Refugee Resettlement

‘Relationships before theology,’ Declares World Relief Official

on December 5, 2019

In a panel discussion on immigration, World Relief Vice President Jenny Yang announced, “Human relationships are more important than theology.” She added, “Almost every major Biblical figure was a refugee.”

Hosted by the Catholic Information Center, in Washington, D.C., the panel on immigration featured Yang; Ashley Feasley, the Policy Director for the United States Conference of Catholic Bishops; and Nathan Bult, Vice President of Public and Government Affairs at Bethany Christian Services.

Although Yang prefaced her remarks with a comment on her desire to keep this talk apolitical, Feasley pointed out that immigration is now a political issue. The panel did, however, stay primarily informative, declining to propose any particular method for dealing with immigration, beyond suggesting a rework of the legal framework for legally crossing the border.

World Relief is a Baltimore-based Evangelical humanitarian nongovernmental organization that is a contract partner with the U.S. State Department in refugee resettlement.

Topics focused on the recent shift from immigrants being young men to entire families, the relationship between faith and social problems, and the human faces versus the simple numbers behind the refugee crisis.

Yang argued that the migrants are actually refugees (a semantic difference, hinging on the emphasis on refugees actively fleeing something). Central American migrants are fleeing persecutions on five grounds including religious, political, etc. Yang pointed out that the U.S. turned Jews back from its shores before and during World War II, and after the war pledged never to do so again, implying similarities between the current refugee crisis and the Holocaust. Moving to discuss the poor legal framework for applying for citizenship, Yang argued that the validity of the applicant’s legal process, not the validity of the claim itself, decides the migrant’s case for entry to the U.S. The process itself is more important than the claim of persecution or the refugee’s immediate need for asylum.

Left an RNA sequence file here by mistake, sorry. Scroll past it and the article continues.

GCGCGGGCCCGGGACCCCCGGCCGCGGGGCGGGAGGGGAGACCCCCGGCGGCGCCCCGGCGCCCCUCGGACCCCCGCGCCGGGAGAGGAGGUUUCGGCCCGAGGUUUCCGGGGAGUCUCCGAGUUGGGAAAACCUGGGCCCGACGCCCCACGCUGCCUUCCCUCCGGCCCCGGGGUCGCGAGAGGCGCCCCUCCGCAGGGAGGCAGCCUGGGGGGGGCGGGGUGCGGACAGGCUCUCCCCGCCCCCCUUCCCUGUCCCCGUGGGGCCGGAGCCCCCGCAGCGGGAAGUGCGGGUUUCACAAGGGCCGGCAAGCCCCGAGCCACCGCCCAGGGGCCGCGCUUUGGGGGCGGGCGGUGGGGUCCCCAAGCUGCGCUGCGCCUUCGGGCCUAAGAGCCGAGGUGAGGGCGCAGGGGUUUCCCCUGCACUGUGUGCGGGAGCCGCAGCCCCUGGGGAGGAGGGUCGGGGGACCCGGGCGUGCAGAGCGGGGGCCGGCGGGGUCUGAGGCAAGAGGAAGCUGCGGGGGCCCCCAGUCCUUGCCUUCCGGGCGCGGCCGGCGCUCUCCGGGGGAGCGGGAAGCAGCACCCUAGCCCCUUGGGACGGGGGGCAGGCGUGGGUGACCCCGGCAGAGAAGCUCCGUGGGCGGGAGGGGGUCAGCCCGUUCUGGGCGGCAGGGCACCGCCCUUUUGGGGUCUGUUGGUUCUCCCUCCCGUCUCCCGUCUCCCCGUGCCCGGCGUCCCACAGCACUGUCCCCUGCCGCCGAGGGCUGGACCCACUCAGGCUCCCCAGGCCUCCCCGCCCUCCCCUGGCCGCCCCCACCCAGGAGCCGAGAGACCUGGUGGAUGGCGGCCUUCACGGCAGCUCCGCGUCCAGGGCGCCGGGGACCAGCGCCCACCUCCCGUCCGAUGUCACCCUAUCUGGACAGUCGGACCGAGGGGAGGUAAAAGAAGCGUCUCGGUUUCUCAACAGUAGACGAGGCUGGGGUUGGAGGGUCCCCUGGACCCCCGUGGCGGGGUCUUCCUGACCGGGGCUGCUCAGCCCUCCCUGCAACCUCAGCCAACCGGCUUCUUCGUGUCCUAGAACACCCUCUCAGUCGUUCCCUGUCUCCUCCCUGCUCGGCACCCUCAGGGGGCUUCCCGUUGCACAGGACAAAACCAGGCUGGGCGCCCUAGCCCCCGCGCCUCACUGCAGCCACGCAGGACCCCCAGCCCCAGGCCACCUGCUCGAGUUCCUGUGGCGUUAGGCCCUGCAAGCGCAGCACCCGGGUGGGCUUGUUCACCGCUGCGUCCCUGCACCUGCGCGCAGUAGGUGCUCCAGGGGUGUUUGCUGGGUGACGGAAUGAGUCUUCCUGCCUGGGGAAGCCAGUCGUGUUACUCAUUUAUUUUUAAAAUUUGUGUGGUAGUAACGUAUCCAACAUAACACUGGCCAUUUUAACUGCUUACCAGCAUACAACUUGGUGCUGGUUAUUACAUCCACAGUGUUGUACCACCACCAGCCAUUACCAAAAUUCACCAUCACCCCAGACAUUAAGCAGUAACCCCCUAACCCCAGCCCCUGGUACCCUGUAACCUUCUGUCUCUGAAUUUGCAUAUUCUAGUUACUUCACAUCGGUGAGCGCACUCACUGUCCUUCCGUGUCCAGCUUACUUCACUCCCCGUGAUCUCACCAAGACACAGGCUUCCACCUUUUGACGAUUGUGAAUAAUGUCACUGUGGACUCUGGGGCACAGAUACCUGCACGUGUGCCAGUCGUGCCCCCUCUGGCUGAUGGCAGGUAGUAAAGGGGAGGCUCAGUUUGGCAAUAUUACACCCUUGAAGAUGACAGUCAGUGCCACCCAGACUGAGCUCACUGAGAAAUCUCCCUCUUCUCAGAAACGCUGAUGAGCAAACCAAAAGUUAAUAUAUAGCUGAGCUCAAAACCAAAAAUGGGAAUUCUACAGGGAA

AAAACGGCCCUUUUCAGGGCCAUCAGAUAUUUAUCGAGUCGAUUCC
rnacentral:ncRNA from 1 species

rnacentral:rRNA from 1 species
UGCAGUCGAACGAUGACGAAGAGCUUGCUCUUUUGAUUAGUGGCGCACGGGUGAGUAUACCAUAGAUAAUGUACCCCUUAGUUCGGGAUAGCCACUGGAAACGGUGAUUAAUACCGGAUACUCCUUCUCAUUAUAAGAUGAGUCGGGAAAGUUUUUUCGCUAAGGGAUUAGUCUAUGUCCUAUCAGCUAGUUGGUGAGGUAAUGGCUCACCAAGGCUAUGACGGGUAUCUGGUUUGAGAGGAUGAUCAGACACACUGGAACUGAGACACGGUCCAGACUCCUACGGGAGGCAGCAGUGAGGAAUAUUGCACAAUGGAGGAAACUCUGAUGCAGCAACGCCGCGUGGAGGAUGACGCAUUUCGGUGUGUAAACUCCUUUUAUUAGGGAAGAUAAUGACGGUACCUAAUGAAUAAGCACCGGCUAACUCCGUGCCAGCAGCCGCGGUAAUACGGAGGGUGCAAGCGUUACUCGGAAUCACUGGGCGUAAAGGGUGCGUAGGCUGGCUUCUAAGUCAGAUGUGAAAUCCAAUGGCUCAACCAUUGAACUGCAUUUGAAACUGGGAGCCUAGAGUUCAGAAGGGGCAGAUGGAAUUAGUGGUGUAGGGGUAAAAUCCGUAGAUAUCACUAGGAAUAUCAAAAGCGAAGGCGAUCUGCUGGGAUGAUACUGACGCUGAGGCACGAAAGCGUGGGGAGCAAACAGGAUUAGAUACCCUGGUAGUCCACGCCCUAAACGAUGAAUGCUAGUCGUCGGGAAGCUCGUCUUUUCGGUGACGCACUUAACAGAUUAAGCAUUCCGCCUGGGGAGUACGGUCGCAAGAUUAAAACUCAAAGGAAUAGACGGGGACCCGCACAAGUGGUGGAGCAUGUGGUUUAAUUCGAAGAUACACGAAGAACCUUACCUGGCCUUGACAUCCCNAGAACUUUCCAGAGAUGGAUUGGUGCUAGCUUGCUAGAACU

Feasley, of the United States Conference of Catholic Bishops, primarily added to Yang’s points, and explained the change to families crossing the border, from mostly young men. Latinos increasingly see “no choice” between life and death in their country of origin. Furthermore, families are displaced locally, an average of three times, before they attempt to cross the U.S.-Mexico border. They agree, as a unit, to attempt to enter the U.S. Originally, it was primarily younger people simply looking for a better life. Most want to comply with American law and processes. Both are simply so convoluted it is extremely difficult to comply fully. Feasley also added that Catholic social teaching finds two rights on this topic for people: the right to migrate, and the right not to migrate. Those fleeing Central American governments have the right to migrate to escape, but they should also feel free (and safe) enough not to migrate from their country in the first place.

Bult, of Bethany Christian Services, focused upon bringing the human aspect of the issue home. He told personal anecdotes, like the story of José, who was shot protecting his younger brother during a gang raid on his church building. Bult pointed out that every number has human faces behind it, and he encouraged the audience to find those human faces in order to bring the crisis home. He ended by backing Feasley’s point that immigrants do want to comply; it is simply difficult to do so.

A panel followed the talks. The first question asked about each members’ reasons for getting into immigration policy and advocacy. Feasley met a Lithuanian refugee in school, who spoke no English. They are still friends, and Feasley was inspired to work in immigration from that point. Yang is, herself, a Korean immigrant who came with her family from Korea in the 1970s. She shares some of the same struggles as immigrants and learned about the negative views of immigrants today. She is also concerned about the poor Evangelical response to immigration. Bult, similarly to Feasley, was influenced by the Sudan Lost Boys and Girls crisis to work in immigration policy and adoption services. His parents, also, were sympathetic to immigrants when he was younger, and Bult worked in immigration policy in the Trump Administration for a time.

All three panelists suggested reporters as the best source for immigration news, especially those close the border. Christianity Today hired a dedicated refugee reporter, Yang added.

Groups like World Relief and Bethany need volunteers, and local Catholic charities take trips to places in need of help. Yang emphasized the need for a balance of compassion versus the rule of law. Both are vital for a functional immigration system.

One question raised mentioned an elephant in the room: violent criminals entering via the border. Bult spoke to this, pointing out that it’s not a good idea for a terrorist to cross a border illegally, or go through two years’ or more worth of bureaucratic tape. Again, the recent shift to entire families immigrating has reduced the number of single, violent, young men entering the country.

More topics than these were covered in the panel discussion. For the full discussion, visit:

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